When the FCC initially announced the results of the Rural Digital Opportunity Fund (RDOF) rural broadband auction, the commission touted the fact that almost all eligible areas that had winning bids and that 85% of those areas are slated to get high-speed gigabit service. But a new analysis from Fiber Broadband Association revealed some less positive aspects of the RDOF auction.
Rural broadband experts discussed the auction results and recommended changes for the next FCC funding auction on a webcast yesterday.
RDOF Auction Analysis
The RDOF auction was a reverse auction designed to award funding to the company that committed to deploying service for the lowest level of support. The auction used a weighting system to favor bids for higher-speed, lower-latency service, and that system likely was a major factor in generating such a high percentage of winning bids at the highest-performance gigabit speed tier.
The FBA analysis shows that nearly half (45%) of gigabit awards had winning bids of 21% of the reserve price or less. The reserve price was based on a cost model that estimated the amount of support that would be needed to create a business case for delivering a base level service. And while some people might interpret the 21% number to mean that the nation is getting a good deal on broadband, others have questioned whether that number is so low that some winning bidders may be unable to afford the build-outs to which they have committed.
Gigabit bids might have won an even higher percentage of locations were it not for an unintended consequence of the weighting system involving Space X, which is building a non-geostationary satellite broadband network.
Space X bid for virtually all eligible areas in the country. And because Space X’s bids were at the 100 Mbps low-latency performance tier, the company won out over bids for lower-speed or higher-latency service nearly everywhere, winning 85% of all non-gigabit awards, according to Fiber Broadband Association RDOF auction analysis.
An unintended consequence, however, was that the company also won out over gigabit providers in some areas. This occurred when there were two or more gigabit providers until the final bidding round and all those providers dropped out in that round, leaving Space X the winning bidder with lower-speed service.
Recommendations for the Future
Some stakeholders have questioned whether the FCC should have vetted some companies more closely before allowing them to participate in the auction, arguing that doing so might have prevented some unrealistically low bids or bids for unrealistically large areas.
One of the experts on yesterday’s webcast was Carol Mattey of Mattey Consulting and former deputy chief of the FCC Wireline Competition Bureau, who shed some light on this issue.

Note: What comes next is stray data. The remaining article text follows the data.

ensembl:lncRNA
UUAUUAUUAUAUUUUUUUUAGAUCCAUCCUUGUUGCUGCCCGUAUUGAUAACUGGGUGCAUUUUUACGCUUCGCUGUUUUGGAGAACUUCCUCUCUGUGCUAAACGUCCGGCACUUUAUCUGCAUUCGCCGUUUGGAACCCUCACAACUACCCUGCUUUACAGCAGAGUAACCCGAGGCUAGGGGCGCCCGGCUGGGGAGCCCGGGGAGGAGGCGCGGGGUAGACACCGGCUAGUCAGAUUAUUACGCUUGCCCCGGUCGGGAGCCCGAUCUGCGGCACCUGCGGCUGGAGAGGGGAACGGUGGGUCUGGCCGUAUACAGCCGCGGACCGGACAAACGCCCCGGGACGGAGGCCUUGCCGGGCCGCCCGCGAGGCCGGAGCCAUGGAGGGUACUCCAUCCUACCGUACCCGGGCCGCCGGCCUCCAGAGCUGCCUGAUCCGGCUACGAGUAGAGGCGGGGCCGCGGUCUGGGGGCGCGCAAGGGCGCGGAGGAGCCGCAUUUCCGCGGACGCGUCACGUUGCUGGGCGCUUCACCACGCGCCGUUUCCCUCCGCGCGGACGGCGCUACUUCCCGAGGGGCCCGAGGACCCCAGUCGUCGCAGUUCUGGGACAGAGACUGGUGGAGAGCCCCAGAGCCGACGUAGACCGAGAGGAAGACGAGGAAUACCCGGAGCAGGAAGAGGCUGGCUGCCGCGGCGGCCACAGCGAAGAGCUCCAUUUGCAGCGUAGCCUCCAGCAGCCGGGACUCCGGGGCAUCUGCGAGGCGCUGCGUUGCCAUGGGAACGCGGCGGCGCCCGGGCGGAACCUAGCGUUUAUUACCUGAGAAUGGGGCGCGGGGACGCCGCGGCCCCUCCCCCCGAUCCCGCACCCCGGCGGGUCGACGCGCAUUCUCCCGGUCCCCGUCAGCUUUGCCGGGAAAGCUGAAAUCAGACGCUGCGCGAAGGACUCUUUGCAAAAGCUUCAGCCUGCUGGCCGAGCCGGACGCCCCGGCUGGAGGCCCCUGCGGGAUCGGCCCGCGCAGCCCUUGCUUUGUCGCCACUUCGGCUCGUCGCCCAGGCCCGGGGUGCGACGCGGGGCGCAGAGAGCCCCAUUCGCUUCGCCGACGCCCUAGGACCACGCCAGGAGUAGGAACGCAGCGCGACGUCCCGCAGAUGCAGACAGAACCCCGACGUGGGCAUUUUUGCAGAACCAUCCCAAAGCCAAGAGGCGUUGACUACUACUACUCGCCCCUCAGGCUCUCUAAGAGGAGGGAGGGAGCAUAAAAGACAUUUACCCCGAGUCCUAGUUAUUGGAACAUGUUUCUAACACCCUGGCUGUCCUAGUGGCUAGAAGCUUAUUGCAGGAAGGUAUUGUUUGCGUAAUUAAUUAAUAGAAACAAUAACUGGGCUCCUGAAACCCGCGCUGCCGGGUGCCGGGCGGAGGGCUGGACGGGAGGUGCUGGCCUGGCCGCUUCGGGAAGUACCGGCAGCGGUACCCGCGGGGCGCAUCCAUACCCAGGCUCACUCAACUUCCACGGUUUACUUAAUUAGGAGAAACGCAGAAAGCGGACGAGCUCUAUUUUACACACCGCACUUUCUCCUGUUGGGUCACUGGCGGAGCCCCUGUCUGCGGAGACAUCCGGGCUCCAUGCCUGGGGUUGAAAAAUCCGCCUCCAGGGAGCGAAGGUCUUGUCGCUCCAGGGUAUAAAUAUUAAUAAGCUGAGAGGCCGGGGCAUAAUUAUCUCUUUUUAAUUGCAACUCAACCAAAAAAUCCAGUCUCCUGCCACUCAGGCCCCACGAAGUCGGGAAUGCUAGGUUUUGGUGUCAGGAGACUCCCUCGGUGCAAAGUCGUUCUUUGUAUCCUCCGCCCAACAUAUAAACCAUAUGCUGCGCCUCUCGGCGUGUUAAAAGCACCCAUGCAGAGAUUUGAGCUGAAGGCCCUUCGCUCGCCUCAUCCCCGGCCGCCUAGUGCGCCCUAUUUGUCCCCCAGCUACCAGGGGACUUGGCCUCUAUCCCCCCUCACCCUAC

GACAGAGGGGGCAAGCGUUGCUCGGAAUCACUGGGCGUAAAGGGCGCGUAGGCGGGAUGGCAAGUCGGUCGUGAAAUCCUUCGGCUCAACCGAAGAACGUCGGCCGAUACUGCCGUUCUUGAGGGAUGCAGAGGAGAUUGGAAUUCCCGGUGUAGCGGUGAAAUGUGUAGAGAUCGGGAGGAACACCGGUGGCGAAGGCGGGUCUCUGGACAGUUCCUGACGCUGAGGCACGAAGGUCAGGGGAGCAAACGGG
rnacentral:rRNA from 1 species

When the auction was being planned, she said, “the assumption was these were areas no one would want to serve” and the commission wanted to maximize the pool of potential bidders by making it easy to bid. She questioned whether the FCC would be open to undertaking detailed vetting of hundreds of applications prior to the auction, considering that some applicants might not ultimately participate in the auction.
She added, though, that for future auctions, the commission should consider limiting the geographic areas for which participants can bid based on participants’ current size.
Mattey also argued that the FCC should take steps to address the situation that arose when two or more gigabit bidders dropped out in the final round, potentially enabling a lower-performance bidder to win.
The FCC is currently in the process of reviewing the more detailed long-form applications that winning RDOF bidders were required to file and Mattey speculated that rather than rejecting some of the questionable applications, the commission instead may sit on them. If the commission rejects an application, the applicant can appeal the decision, she noted. But there is no deadline for completing the application review, which means that sitting on an application may be a more attractive option for the FCC, she said.
Another rural broadband expert on the webinar was Mike Romano, senior vice president of industry affairs and business development for NTCA—The Rural Broadband Association. Romano argued for more transparency on the part of the FCC for future auctions.
He noted, for example, that there was a lack of transparency regarding which auction participants could bid at which speed tier based on the technology intended for the deployment. Auction critics have noted that some companies were allowed to bid in the gigabit speed tier using fixed wireless while others were not allowed to do that.
The third expert on the webinar about the RDOF auction analysis was Tom Cohen, a partner at law firm Kelley Drye, who raised another concern that some stakeholders have expressed about the auction – the possibility that some bidders may opt to pay a fine rather than undertake the build-outs to which they have committed. He said he is already aware of at least one winning bidder that plans to walk away from the potential funding.
Cohen pointed to the private equity backing that some auction participants have as a potential concern. People involved in private equity only expect to succeed in four or five out of 20 ventures.
“If they wipe out here, it’s not an issue [for them],” he said.
Although Cohen didn’t offer a specific recommendation about how to address that concern, perhaps higher fines for non-compliance with build-out requirements would be another idea for the FCC to consider for the future.